Friday, November 30, 2007

Who's sitting on the throne?


Yesterday’s post looked at the chorus of a song that was performed by Rusty Leyden at a recent Coffee House. Today, there is another song I wanted talk about. The chorus of this one is just as profound (or at least it gives something to think about – maybe not as deep as profound…): “Get off the throne and let God sit on it. You’ve tried your best, you know you don’t fit, get off the throne and let God sit on it.”

This reminds me of a bumper sticker. Don’t you just love people who get their theology from bumper stickers? This one is good though… “If God is your co-pilot, change seats!”

I would hope that all Christians want to serve God. But do we do everything that we can think of to serve God (bad), or do we do everything that He call us to to serve God (much better)?

The difference is a relationship with Him. Can we hear Him? And are we following Him? Are we honoring Him as the one who sits on the throne?

Wednesday, November 28, 2007

Keep on shaking me till theres nothing left but You...


A couple of weeks ago we held our monthly coffee house and our guest for the evening was Rusty Leyden from Macedon.

Rusty did a great job, we were very thankful he came. He’s been a singer/songwriter for 20+ years, and many of the songs that he performed were his own, which was a special treat. They were great. There were two songs in particular that got me to thinking. The first I’ll talk about today, the next tomorrow.

The chorus of the song I’m thinking of today includes the phrase, “Keep on shaking me till there’s nothing left but you.” Our Bible Study is looking at suffering from a Christian perspective, so this really jumped out at me.

The Christian perspective of suffering, in a nutshell, is that suffering is unavoidable, we will suffer, and we will suffer so we will grow. We can only mature as Christians (as adults, really) by being stretched.

The image of a weightlifter keeps coming to mind. As you lift weights, you are actually damaging the tissue. When it recovers and grows back, it grows back bigger and stronger than it was. When we suffer, we too eventually recover and grow back bigger and stronger (more mature, stronger faith, spiritual growth).

Sometimes God allows suffering in our lives to demonstrate that we can’t do it on our own, we need help. We all need help sometimes. And when we suffer, we turn to God for that help, and we learn to trust him in new ways with new challenges.

So I love the line, “Keep on shaking me till there’s nothing left but you.” Because I know that in the end, all that shaking will produce a stronger and more mature faith. I don't like all the shaking, but I know it will be worth it!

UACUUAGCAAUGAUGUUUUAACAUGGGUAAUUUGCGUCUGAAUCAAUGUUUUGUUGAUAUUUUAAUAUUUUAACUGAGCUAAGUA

Tuesday, November 27, 2007

thrones or powres or rulers or authorities...


This past week, I preached on Colossians 1:10-20. The message in it’s entirety can be found on the church website, http://www.almondunionchurch.org/. If you’re interested, you can click the Sermons tab, and follow the links to read (or listen to) the sermon.

As I was putting it together, a thought came to mind. In verse 16 of that reading, we see, “For by him all things were created: things in heaven and on earth, visible or invisible, whether thrones or powers or rulers or authorities; all things were created by him and for him.”

I really the end of that verse, that all things were created by him and for him – and I like to share that sin is really just living for ourselves, when we were created for him.

But what struck me was the “thrones or powers or rulers or authorities” line. A literal meaning would suggest that all people who are in power in government are there because God set them up in their position.

Another meaning may suggest that even the spirit world, the devil and angels of the devil were created by him and for him. Other passages in the Bible use these same words, thrones and powers and rulers and authorities, to talk about the demonic spirits.

So here is a different thought. Were these thrones and powers and rulers and authorities, (read demons and demonic spirits) created with the foresight that they would rebel and try to lead us astray? That they would cause great suffering in people, perhaps thereby strengthening the Body and separating the wheat from the chaff – the believers from the unbelievers.

I haven’t really thought it through yet, but what do you think? I would love to hear your comments…

Monday, November 26, 2007

"Go over there" or "Come, follow me"


I recently heard a message at a meeting of our Presbytery that confirmed the importance of our getting out of our churches and into our communities to minister to people.

Let’s face it, we in the church can have wonderful programs and inspiring services. We can offer great music and warm relationships. We’ve become very good at ministering to each other. But while Jesus said that we are the light of the world, but we are too often found lighting all ready well lit rooms. We need to get out into the darkness to let our light shine where it is needed most.

So the message was good in that respect. But over and over we heard the words, “go over there.” I don’t hear that as a command from Jesus. I am aware of the great commission, “go and make disciples…”, but we aren’t asked to go over there for the sake of going over there.